Highly Intelligent People Actually Prefer Their Own Company, And There’s A Pretty Interesting Reason Why

The Study’s Findings

Have you ever noticed that you prefer spending time alone rather than socializing with others? Well, if you do, there’s a good chance that you’re highly intelligent. A recent study published in the British Journal of Psychology has revealed that individuals with above-average intelligence tend to prefer their own company. But why is that?

According to the study, there is a significant connection between frequent social interaction and reduced levels of happiness in intelligent individuals. Surprisingly, even those living in densely populated areas reported lower levels of happiness. It seems that intelligent people find solace in solitude.

The Savannah Theory

To understand why intelligent people prefer their own company, researchers propose the “savannah theory.” Essentially, this theory suggests that our evolutionary predispositions towards happiness remain the same as they were during the dawn of civilization. Intelligent individuals are more capable of adapting to modern life and are less reliant on the need for tribal belonging.

Unlike others, intelligent people possess the ability to forge their own paths and find personal fulfillment outside of societal norms. They don’t conform to the traditional ideas of happiness and purpose.

The Adaptive Nature of Intelligence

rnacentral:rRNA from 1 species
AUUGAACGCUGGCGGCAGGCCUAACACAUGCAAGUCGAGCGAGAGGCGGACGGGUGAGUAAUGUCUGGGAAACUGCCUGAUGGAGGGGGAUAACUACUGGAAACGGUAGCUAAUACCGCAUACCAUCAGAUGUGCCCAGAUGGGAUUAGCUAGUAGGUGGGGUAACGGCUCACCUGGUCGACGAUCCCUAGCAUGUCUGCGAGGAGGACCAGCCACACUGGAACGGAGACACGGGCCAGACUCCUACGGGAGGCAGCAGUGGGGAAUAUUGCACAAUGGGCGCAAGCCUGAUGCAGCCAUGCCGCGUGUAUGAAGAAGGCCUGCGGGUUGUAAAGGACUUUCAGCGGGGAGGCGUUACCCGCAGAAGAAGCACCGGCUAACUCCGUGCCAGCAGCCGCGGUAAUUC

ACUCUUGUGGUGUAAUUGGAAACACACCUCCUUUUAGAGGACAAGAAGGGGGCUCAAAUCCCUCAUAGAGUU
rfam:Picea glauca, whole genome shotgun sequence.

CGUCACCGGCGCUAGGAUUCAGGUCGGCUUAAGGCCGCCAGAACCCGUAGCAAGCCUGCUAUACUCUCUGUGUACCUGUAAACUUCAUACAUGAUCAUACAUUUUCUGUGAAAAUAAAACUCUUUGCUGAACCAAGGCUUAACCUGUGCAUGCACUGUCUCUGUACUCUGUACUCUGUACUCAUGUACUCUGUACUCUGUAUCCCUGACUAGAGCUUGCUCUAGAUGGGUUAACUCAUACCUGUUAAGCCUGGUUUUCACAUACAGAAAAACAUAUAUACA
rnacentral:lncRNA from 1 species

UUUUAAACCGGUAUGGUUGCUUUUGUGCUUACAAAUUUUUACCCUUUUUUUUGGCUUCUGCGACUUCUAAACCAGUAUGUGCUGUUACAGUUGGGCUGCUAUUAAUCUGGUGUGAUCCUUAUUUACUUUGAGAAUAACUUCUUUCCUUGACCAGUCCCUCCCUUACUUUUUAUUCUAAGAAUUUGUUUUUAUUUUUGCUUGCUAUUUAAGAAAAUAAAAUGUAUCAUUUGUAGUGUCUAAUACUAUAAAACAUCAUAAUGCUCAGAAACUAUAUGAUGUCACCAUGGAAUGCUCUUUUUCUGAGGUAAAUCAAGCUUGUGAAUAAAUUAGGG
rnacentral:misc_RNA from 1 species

In the past, our ancestors lived in tight-knit communities where social interaction played a vital role in survival. Those who could adapt to the group were considered superior. However, in today’s context, intelligence lies in the capability to shape one’s own future and find fulfillment outside of social conformity.

Intelligent individuals have a heightened level of awareness and sensitivity to their environment. They can perceive subtleties and complexities that others may overlook. As a result, they crave depth, meaning, and intellectual stimulation in their relationships.

The Allure of Small Communities

Studies have shown that self-reported happiness tends to be higher in smaller towns compared to larger cities. This can be attributed to the thriving nature of intimate communities and the genuine connections they foster. In small towns, where personal identity and meaningful interactions take precedence, intelligent individuals find a sense of belonging.

Unlike others, intelligent individuals don’t rely on external validation or material achievements to find happiness. Instead, they choose to pursue their own goals and passions, finding fulfillment in smaller, more meaningful settings.

Thriving in Genuine Relationships

For intelligent individuals, happiness is found in select, close-knit, and authentic relationships. They seek intellectual companionship and value conversations that challenge their thinking and stimulate their minds. Superficial interactions in large social gatherings leave them feeling isolated or dissatisfied.

By opting for more intimate connections, intelligent individuals can engage in meaningful discussions, exchange ideas, and pursue shared interests. Genuine relationships offer acceptance, understanding, and shared values that contribute to overall life satisfaction.


Highly intelligent individuals navigate life differently, seeking personal fulfillment outside of conventional socialization. The “savannah theory” suggests that adaptability and the pursuit of individual paths contribute to their happiness. Intimate communities foster genuine connections, and intelligent individuals prioritize the quality of relationships over quantity.

By understanding and embracing these characteristics, we can appreciate the unique way intelligence shapes an individual’s social preferences and ultimately contributes to their well-being.


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